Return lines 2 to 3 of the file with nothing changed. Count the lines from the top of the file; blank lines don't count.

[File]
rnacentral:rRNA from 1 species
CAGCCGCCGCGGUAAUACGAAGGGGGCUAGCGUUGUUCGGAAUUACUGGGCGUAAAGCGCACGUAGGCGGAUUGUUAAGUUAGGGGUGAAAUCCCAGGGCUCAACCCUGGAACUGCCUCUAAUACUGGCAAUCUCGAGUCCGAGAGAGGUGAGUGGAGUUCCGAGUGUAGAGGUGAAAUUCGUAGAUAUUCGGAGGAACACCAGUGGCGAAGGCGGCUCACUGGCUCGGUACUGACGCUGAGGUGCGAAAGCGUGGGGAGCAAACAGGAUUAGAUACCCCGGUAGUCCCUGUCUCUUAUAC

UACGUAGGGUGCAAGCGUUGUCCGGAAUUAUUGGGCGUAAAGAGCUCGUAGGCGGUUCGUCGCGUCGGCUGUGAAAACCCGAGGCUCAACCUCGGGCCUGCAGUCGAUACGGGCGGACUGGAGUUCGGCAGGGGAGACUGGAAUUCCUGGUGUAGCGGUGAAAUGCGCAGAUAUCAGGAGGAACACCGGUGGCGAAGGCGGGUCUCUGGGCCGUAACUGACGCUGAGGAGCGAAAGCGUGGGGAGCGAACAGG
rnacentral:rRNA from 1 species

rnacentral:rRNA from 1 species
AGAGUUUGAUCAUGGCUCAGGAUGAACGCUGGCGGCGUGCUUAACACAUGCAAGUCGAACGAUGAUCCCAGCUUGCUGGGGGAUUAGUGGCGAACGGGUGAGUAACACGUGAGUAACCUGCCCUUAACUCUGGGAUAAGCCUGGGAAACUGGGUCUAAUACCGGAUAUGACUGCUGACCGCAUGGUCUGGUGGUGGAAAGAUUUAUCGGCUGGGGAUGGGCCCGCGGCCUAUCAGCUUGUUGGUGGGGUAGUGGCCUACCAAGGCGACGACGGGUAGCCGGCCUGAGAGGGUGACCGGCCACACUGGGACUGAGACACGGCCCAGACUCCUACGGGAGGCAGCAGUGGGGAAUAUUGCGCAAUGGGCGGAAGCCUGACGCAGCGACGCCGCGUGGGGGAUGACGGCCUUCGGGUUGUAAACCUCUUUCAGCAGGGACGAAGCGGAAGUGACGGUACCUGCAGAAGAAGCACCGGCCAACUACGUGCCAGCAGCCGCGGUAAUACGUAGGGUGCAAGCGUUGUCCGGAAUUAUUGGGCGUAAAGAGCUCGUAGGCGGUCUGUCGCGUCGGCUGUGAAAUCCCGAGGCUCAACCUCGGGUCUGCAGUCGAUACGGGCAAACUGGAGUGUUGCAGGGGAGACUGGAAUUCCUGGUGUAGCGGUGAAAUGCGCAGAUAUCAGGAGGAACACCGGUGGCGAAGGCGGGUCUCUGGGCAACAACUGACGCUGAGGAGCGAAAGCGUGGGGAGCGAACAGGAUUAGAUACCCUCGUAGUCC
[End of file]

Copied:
CAGCCGCCGCGGUAAUACGAAGGGGGCUAGCGUUGUUCGGAAUUACUGGGCGUAAAGCGCACGUAGGCGGAUUGUUAAGUUAGGGGUGAAAUCCCAGGGCUCAACCCUGGAACUGCCUCUAAUACUGGCAAUCUCGAGUCCGAGAGAGGUGAGUGGAGUUCCGAGUGUAGAGGUGAAAUUCGUAGAUAUUCGGAGGAACACCAGUGGCGAAGGCGGCUCACUGGCUCGGUACUGACGCUGAGGUGCGAAAGCGUGGGGAGCAAACAGGAUUAGAUACCCCGGUAGUCCCUGUCUCUUAUAC

UACGUAGGGUGCAAGCGUUGUCCGGAAUUAUUGGGCGUAAAGAGCUCGUAGGCGGUUCGUCGCGUCGGCUGUGAAAACCCGAGGCUCAACCUCGGGCCUGCAGUCGAUACGGGCGGACUGGAGUUCGGCAGGGGAGACUGGAAUUCCUGGUGUAGCGGUGAAAUGCGCAGAUAUCAGGAGGAACACCGGUGGCGAAGGCGGGUCUCUGGGCCGUAACUGACGCUGAGGAGCGAAAGCGUGGGGAGCGAACAGG